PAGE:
Andrew Cuomo slammed for revealing drug addicts in rehab will get Covid vaccines before elderly residents
NEW York Governor Andrew Cuomo has been slammed after revealing drug addicts will get Covid vaccines ahead of the elderly.
Those recovering in residential rehab facilities will be among the next to receive the potentially life-saving jabs, it was disclosed.
During a virtual news conference, Cuomo said the state was expecting to receive 259,000 doses of Pfizer/BioNTech and Moderna vaccines.
In addition to urgent care center employees and those administering the vaccine, he said shots would be given to residents of OASAS – the state Office of Addiction Services and Supports.
The agency runs 12 treatment centers across New York state and certifies and monitors hundreds of private facilities, according to reports.
“These are congregate facilities. Congregate facilities are problematic. That’s where you have a lot of people in concentration,” Cuomo said.
"Nursing homes are obviously the most problematic because they're congregate plus older, vulnerable people. OASAS facilities…they're congregate – not necessarily older- but congregate facilities," he continued.
"We'll then continue with high-risk hospital workers, federally qualified health center employees, EMS workers," Cuomo said.
Cuomo has already faced fierce criticism after more than 6,600 nursing home residents in New York died from coronavirus at the height of the pandemic.
The vaccine news has been slammed by many – including Ben Domenech who is the publisher of conservative online magazine The Federalist and one of Cuomo's fiercest critics.
He told Fox News: "About a month ago, Governor Cuomo was out there saying that he is going to sue to have control of the vaccine process when it came to a potential feud with the Trump administration.
"Now that he is given control of it, he is making already the same kind of decisions that we come to expect from him, full of bluster, full of stupidity, and without any kind of thought for the elderly citizens of New York State.
"Imagine a system in which that aforementioned woke left was determining which people should receive a vaccine based on equity. According, not to the medical needs, the health care needs of the people in the moment, but according to their own hierarchy of who would get it first."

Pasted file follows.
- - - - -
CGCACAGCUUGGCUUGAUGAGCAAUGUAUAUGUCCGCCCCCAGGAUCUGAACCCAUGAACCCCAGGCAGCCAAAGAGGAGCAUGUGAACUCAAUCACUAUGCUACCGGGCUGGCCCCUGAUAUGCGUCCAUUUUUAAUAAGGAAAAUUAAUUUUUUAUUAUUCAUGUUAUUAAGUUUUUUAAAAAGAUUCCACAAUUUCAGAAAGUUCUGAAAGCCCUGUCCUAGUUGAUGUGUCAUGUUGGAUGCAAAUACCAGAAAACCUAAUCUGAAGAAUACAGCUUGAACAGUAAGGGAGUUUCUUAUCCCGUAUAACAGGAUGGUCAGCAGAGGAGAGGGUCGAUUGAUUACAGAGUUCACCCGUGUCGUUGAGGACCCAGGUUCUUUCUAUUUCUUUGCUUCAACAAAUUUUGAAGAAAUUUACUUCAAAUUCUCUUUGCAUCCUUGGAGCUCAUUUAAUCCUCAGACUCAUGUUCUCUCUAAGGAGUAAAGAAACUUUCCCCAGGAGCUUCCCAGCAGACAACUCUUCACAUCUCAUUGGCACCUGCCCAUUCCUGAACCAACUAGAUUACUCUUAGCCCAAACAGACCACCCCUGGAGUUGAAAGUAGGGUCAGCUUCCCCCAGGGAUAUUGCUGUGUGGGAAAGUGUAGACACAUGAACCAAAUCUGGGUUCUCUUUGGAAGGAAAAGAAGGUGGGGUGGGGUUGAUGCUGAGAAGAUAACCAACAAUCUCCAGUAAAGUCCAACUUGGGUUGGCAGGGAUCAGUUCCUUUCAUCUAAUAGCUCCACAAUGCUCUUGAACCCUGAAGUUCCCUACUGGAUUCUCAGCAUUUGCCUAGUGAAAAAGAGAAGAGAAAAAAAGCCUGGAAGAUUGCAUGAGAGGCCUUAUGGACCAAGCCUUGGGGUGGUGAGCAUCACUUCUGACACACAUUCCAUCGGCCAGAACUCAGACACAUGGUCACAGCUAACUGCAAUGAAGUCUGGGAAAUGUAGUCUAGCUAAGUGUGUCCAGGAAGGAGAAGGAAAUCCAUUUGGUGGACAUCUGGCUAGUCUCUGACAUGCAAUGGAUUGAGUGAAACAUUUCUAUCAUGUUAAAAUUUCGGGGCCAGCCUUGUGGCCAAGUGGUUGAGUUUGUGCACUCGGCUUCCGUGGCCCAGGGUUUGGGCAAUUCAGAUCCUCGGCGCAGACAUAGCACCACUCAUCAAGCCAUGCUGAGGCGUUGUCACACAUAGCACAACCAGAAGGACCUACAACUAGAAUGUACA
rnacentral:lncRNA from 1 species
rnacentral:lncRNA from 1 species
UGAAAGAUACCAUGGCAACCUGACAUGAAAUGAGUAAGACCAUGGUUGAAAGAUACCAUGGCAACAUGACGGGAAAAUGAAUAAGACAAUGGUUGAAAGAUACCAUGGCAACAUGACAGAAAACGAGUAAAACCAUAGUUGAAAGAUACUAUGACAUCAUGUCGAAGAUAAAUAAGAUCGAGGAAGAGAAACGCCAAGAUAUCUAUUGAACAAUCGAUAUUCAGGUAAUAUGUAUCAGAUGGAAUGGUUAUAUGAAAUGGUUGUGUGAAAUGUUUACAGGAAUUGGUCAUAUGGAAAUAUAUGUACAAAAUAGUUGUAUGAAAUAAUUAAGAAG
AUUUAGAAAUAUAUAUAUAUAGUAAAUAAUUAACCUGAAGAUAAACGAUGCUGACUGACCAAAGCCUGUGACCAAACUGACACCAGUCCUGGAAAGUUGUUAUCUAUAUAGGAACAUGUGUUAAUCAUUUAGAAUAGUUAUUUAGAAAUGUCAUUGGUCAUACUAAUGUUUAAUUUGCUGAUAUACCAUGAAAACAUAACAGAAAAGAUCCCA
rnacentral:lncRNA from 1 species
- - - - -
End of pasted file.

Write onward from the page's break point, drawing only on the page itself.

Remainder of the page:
Other also turned on Cuomo dubbing him the "Worst Governor in America".
Rep. Elise Stefanik, R-N.Y.tweeted: "The Worst Governor in America streak continues.
"This time prioritizing vaccines for drug addicts over tens of thousands of seniors who have been home bound since the start of the pandemic. An absolute disgrace."
However, many also took to Twitter to defend the move saying it made sense to vaccinate those who are "most likely to be spreaders."
And The Office of Addiction Services and Supports said drug users were being unfairly stigmatized.
"Unfortunately, there continues to be a stigma against those in recovery when it comes to equal access to health care," it said.
"These individuals deserve the same access to medical care as everyone else, and those at high risk of COVID should be vaccinated in line with other high-risk populations."
New York State Department of Health Spokesperson Gary Holmes insisted that nursing home residents are still being prioritized.
"Perpetuating a stigma against those in recovery when it comes to equal access to health care is bad, but doing it for equal access to the vaccine is even worse," he said.
"From the beginning, New York State has prioritized vaccine distribution to high-risk populations, including those in congregate care settings – like OASAS residents – where there is an increased danger of virus spread."
New York has been one of the hardest hit states during the pandemic with more than 950,000 cases and 37,000 deaths.
Experts have said Cuomo was initially slow to react to the coronavirus, letting the pathogen spread rapidly through the population before the state closed down.
He has also been accused of overriding plans to shut down New York City mid March – as wanted by Mayor Bill de Blasio.
Cuomo instead pushed for a gradual closure tailored to avoid panic and encourage public compliance.
Millions continued to pack commuter trains and subways in the five-day span between Mayor de Blasio’s “shelter in place” comments and Cuomo’s eventual shutdown order.
By the time “New York on Pause” on March 22, about 25,000 New Yorkers had tested positive for Covid-19.
The virus soon would push the state’s hospital system to the brink and kill tens of thousands.
However, Cuomo’s office has always rebuked the criticisms, arguing that it acted on the best evidence and expert advice it had at the time.
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